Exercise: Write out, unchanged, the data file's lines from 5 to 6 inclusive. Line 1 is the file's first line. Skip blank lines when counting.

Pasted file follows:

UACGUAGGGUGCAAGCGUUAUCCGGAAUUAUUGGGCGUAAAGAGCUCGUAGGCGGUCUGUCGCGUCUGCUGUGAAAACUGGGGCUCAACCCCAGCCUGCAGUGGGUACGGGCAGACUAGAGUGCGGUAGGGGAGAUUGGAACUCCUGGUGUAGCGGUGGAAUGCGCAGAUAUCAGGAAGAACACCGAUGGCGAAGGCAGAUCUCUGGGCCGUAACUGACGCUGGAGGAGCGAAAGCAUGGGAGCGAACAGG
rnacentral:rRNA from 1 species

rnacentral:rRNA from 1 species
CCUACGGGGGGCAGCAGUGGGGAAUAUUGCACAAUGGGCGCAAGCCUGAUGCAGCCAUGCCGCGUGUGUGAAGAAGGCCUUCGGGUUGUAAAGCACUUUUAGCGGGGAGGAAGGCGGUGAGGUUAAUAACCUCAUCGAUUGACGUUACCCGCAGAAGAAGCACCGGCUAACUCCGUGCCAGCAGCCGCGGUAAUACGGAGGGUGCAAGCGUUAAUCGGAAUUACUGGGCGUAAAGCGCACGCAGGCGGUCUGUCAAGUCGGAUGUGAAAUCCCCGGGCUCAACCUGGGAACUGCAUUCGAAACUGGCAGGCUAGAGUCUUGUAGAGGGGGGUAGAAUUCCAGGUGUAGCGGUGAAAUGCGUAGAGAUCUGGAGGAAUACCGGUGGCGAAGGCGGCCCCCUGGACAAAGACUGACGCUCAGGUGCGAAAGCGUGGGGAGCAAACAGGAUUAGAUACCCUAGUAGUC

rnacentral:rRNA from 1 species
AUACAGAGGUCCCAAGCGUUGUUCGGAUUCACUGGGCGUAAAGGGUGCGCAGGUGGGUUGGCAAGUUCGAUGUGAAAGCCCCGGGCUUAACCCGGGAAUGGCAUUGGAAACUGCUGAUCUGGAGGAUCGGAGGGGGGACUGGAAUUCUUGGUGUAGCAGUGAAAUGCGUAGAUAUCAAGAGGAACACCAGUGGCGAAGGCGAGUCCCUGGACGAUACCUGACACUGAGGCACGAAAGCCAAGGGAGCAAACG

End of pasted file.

rnacentral:rRNA from 1 species
AUACAGAGGUCCCAAGCGUUGUUCGGAUUCACUGGGCGUAAAGGGUGCGCAGGUGGGUUGGCAAGUUCGAUGUGAAAGCCCCGGGCUUAACCCGGGAAUGGCAUUGGAAACUGCUGAUCUGGAGGAUCGGAGGGGGGACUGGAAUUCUUGGUGUAGCAGUGAAAUGCGUAGAUAUCAAGAGGAACACCAGUGGCGAAGGCGAGUCCCUGGACGAUACCUGACACUGAGGCACGAAAGCCAAGGGAGCAAACG